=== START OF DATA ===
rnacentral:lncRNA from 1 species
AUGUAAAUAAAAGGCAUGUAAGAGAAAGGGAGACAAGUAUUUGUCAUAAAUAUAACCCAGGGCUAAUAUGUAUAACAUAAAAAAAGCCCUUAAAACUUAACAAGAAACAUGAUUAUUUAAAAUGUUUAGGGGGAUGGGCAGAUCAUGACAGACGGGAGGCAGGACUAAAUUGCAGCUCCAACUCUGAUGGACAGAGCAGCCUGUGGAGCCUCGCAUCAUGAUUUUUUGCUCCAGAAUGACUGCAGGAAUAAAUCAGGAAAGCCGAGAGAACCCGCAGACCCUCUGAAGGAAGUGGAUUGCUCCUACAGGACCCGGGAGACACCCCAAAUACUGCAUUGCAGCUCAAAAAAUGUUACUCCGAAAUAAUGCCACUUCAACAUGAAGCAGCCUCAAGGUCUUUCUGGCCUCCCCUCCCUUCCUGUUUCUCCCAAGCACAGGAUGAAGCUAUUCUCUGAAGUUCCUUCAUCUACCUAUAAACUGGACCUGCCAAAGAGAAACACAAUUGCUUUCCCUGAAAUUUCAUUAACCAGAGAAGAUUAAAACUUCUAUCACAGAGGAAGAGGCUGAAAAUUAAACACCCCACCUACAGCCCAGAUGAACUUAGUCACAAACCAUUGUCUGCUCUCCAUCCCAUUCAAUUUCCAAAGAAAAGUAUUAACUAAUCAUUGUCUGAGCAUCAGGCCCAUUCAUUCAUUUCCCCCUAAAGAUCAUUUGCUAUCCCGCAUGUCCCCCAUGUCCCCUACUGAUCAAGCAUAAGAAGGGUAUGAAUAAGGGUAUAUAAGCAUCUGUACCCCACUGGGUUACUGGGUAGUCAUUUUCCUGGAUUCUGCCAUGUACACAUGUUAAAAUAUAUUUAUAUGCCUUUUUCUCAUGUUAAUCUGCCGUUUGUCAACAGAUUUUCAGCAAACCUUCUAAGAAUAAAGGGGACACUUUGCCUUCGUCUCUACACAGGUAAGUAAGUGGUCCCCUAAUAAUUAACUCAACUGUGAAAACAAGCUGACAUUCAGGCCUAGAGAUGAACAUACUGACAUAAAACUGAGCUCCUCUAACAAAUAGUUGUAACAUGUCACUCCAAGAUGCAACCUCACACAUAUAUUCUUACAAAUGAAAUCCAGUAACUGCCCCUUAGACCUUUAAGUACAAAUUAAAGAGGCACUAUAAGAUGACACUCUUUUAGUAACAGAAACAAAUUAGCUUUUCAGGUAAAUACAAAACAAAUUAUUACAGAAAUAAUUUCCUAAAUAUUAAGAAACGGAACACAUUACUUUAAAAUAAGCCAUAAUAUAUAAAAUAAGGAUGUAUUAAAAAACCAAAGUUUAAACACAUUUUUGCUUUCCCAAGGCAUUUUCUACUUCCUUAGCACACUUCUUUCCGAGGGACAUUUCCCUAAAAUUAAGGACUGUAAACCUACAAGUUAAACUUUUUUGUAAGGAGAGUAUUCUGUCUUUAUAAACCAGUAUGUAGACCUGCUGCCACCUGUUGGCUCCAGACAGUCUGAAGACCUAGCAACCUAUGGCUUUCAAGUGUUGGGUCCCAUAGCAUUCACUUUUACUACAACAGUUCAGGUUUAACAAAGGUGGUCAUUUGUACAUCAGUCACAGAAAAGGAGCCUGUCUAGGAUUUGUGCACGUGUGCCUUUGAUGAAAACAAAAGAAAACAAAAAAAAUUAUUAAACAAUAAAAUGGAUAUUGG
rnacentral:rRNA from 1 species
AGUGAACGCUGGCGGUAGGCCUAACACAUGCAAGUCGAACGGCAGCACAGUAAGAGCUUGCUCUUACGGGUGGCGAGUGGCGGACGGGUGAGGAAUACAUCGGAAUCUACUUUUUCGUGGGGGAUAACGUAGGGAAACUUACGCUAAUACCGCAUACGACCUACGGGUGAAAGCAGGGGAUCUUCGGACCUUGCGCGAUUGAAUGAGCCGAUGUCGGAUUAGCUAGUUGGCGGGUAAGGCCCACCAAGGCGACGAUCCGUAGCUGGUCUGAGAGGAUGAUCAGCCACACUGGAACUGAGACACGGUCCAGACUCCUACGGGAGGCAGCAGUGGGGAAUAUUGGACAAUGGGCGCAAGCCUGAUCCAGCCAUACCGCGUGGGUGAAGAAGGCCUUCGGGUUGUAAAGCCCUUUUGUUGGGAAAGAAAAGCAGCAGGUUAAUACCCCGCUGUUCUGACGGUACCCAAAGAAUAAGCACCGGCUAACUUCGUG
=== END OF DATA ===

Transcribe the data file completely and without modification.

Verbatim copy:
rnacentral:lncRNA from 1 species
AUGUAAAUAAAAGGCAUGUAAGAGAAAGGGAGACAAGUAUUUGUCAUAAAUAUAACCCAGGGCUAAUAUGUAUAACAUAAAAAAAGCCCUUAAAACUUAACAAGAAACAUGAUUAUUUAAAAUGUUUAGGGGGAUGGGCAGAUCAUGACAGACGGGAGGCAGGACUAAAUUGCAGCUCCAACUCUGAUGGACAGAGCAGCCUGUGGAGCCUCGCAUCAUGAUUUUUUGCUCCAGAAUGACUGCAGGAAUAAAUCAGGAAAGCCGAGAGAACCCGCAGACCCUCUGAAGGAAGUGGAUUGCUCCUACAGGACCCGGGAGACACCCCAAAUACUGCAUUGCAGCUCAAAAAAUGUUACUCCGAAAUAAUGCCACUUCAACAUGAAGCAGCCUCAAGGUCUUUCUGGCCUCCCCUCCCUUCCUGUUUCUCCCAAGCACAGGAUGAAGCUAUUCUCUGAAGUUCCUUCAUCUACCUAUAAACUGGACCUGCCAAAGAGAAACACAAUUGCUUUCCCUGAAAUUUCAUUAACCAGAGAAGAUUAAAACUUCUAUCACAGAGGAAGAGGCUGAAAAUUAAACACCCCACCUACAGCCCAGAUGAACUUAGUCACAAACCAUUGUCUGCUCUCCAUCCCAUUCAAUUUCCAAAGAAAAGUAUUAACUAAUCAUUGUCUGAGCAUCAGGCCCAUUCAUUCAUUUCCCCCUAAAGAUCAUUUGCUAUCCCGCAUGUCCCCCAUGUCCCCUACUGAUCAAGCAUAAGAAGGGUAUGAAUAAGGGUAUAUAAGCAUCUGUACCCCACUGGGUUACUGGGUAGUCAUUUUCCUGGAUUCUGCCAUGUACACAUGUUAAAAUAUAUUUAUAUGCCUUUUUCUCAUGUUAAUCUGCCGUUUGUCAACAGAUUUUCAGCAAACCUUCUAAGAAUAAAGGGGACACUUUGCCUUCGUCUCUACACAGGUAAGUAAGUGGUCCCCUAAUAAUUAACUCAACUGUGAAAACAAGCUGACAUUCAGGCCUAGAGAUGAACAUACUGACAUAAAACUGAGCUCCUCUAACAAAUAGUUGUAACAUGUCACUCCAAGAUGCAACCUCACACAUAUAUUCUUACAAAUGAAAUCCAGUAACUGCCCCUUAGACCUUUAAGUACAAAUUAAAGAGGCACUAUAAGAUGACACUCUUUUAGUAACAGAAACAAAUUAGCUUUUCAGGUAAAUACAAAACAAAUUAUUACAGAAAUAAUUUCCUAAAUAUUAAGAAACGGAACACAUUACUUUAAAAUAAGCCAUAAUAUAUAAAAUAAGGAUGUAUUAAAAAACCAAAGUUUAAACACAUUUUUGCUUUCCCAAGGCAUUUUCUACUUCCUUAGCACACUUCUUUCCGAGGGACAUUUCCCUAAAAUUAAGGACUGUAAACCUACAAGUUAAACUUUUUUGUAAGGAGAGUAUUCUGUCUUUAUAAACCAGUAUGUAGACCUGCUGCCACCUGUUGGCUCCAGACAGUCUGAAGACCUAGCAACCUAUGGCUUUCAAGUGUUGGGUCCCAUAGCAUUCACUUUUACUACAACAGUUCAGGUUUAACAAAGGUGGUCAUUUGUACAUCAGUCACAGAAAAGGAGCCUGUCUAGGAUUUGUGCACGUGUGCCUUUGAUGAAAACAAAAGAAAACAAAAAAAAUUAUUAAACAAUAAAAUGGAUAUUGG
rnacentral:rRNA from 1 species
AGUGAACGCUGGCGGUAGGCCUAACACAUGCAAGUCGAACGGCAGCACAGUAAGAGCUUGCUCUUACGGGUGGCGAGUGGCGGACGGGUGAGGAAUACAUCGGAAUCUACUUUUUCGUGGGGGAUAACGUAGGGAAACUUACGCUAAUACCGCAUACGACCUACGGGUGAAAGCAGGGGAUCUUCGGACCUUGCGCGAUUGAAUGAGCCGAUGUCGGAUUAGCUAGUUGGCGGGUAAGGCCCACCAAGGCGACGAUCCGUAGCUGGUCUGAGAGGAUGAUCAGCCACACUGGAACUGAGACACGGUCCAGACUCCUACGGGAGGCAGCAGUGGGGAAUAUUGGACAAUGGGCGCAAGCCUGAUCCAGCCAUACCGCGUGGGUGAAGAAGGCCUUCGGGUUGUAAAGCCCUUUUGUUGGGAAAGAAAAGCAGCAGGUUAAUACCCCGCUGUUCUGACGGUACCCAAAGAAUAAGCACCGGCUAACUUCGUG